doublesex: Biological Overview | Evolutionary Homologs | Regulation | Protein Interactions and Regulation of Splicing | Developmental Biology | Effects of Mutation | References

Gene name - doublesex

Synonyms -

Cytological map position - 84E1-2

Function - transcription factor

Keywords - somatic sex determination

Symbol - dsx

FlyBase ID:FBgn0000504

Genetic map position - 3-48.1

Classification - novel zinc finger domain

Cellular location - nuclear



NCBI links: Precomputed BLAST | Entrez Gene

Recent literature
Kimura, K., Sato, C., Koganezawa, M and Yamamoto, D. (2015). Drosophila ovipositor extension in mating behavior and egg deposition involves distinct sets of brain interneurons. PLoS One 10: e0126445. PubMed ID: 25955600
Summary:
Oviposition is a female-specific behavior that directly affects fecundity, and therefore fitness. If a fertilized female encounters another male that she has evaluated to be of better quality than her previous mate, it would be beneficial for her to remate with this male rather than depositing her eggs. Females who decided not to remate exhibited rejection behavior toward a courting male and engaged in oviposition. Although recent studies of Drosophila melanogaster identified sensory neurons and putative second-order ascending interneurons that mediate uterine afferents affecting female reproductive behavior, little is known about the brain circuitry that selectively activates rejection versus oviposition behaviors. This study identified the sexually dimorphic pC2l and female-specific pMN2 neurons, two distinct classes of doublesex (dsx)-expressing neurons that can initiate ovipositor extension associated with rejection and oviposition behavior, respectively. pC2l interneurons, which induced ovipositor extrusion for rejection in females, had homologues that controlled courtship behavior in males. Activation of these two classes of neurons appeared to be mutually exclusive and each governed hierarchical control of the motor program in the VNC either for rejection or oviposition, contributing centrally to the switching on or off of the alternative motor programs.
Price, D.C., Egizi, A. and Fonseca, D.M. (2015). The ubiquity and ancestry of insect doublesex. Sci Rep 5: 13068. PubMed ID: 26278009
Summary:
The doublesex (dsx) gene functions as a molecular switch at the base of the insect sex determination cascade, and triggers male or female somatic sexual differentiation in Drosophila. To understand the evolution of this integral gene relative to other arthropods, this study tested for the presence of dsx within public EST and genome sequencing projects representative of all 32 hexapod orders. dsx was found to be ubiquitous, with putative orthologs recovered from 30 orders. Additionally, both alternatively spliced and putative paralogous dsx transcripts were recovered from several orders of hexapods, including basal lineages, indicating the likely presence of these characteristics in the hexapod common ancestor. Of note, other arthropods such as chelicerates and crustaceans express two dsx genes, both of which are shown to lack alternative splicing. Furthermore, a large degree of length heterogeneity was discovered in the common region of dsx coding sequences within and among orders, possibly resulting from lineage-specific selective pressures inherent to each taxon. This work serves as a valuable resource for understanding the evolution of sex determination in insects.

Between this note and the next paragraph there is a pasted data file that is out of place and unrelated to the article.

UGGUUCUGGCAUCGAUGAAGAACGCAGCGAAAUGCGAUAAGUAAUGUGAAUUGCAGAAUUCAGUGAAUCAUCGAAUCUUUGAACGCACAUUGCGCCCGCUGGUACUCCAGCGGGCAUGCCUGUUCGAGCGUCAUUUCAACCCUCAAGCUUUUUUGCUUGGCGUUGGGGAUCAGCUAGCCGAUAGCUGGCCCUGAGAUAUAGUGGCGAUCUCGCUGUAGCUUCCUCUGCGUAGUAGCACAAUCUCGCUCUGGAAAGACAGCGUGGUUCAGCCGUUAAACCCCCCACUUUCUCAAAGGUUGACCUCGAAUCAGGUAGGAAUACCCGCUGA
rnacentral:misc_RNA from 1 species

Shirangi, T. R., Wong, A. M., Truman, J. W. and Stern, D. L. (2016). Doublesex regulates the connectivity of a neural circuit controlling Drosophila male courtship song. Dev Cell 37: 533-544. PubMed ID: 27326931
Summary:
It is unclear how regulatory genes establish neural circuits that compose sex-specific behaviors. The Drosophila melanogaster male courtship song provides a powerful model to study this problem. Courting males vibrate a wing to sing bouts of pulses and hums, called pulse and sine song, respectively. This study reports the discovery of male-specific thoracic interneurons-the TN1A neurons-that are required specifically for sine song. The TN1A neurons can drive the activity of a sex-non-specific wing motoneuron, hg1, which is also required for sine song. The male-specific connection between the TN1A neurons and the hg1 motoneuron is regulated by the sexual differentiation gene doublesex. doublesex was shown to be required in the TN1A neurons during development to increase the density of the TN1A arbors that interact with dendrites of the hg1 motoneuron. These findings demonstrate how a sexual differentiation gene can build a sex-specific circuit motif by modulating neuronal arborization.
Rezaval, C., Pattnaik, S., Pavlou, H. J., Nojima, T., Bruggemeier, B., D'Souza, L. A., Dweck, H. K. and Goodwin, S. F. (2016). Activation of latent courtship circuitry in the brain of Drosophila females induces male-like behaviors. Curr Biol 26: 2508-2515. PubMed ID: 27568592
Summary: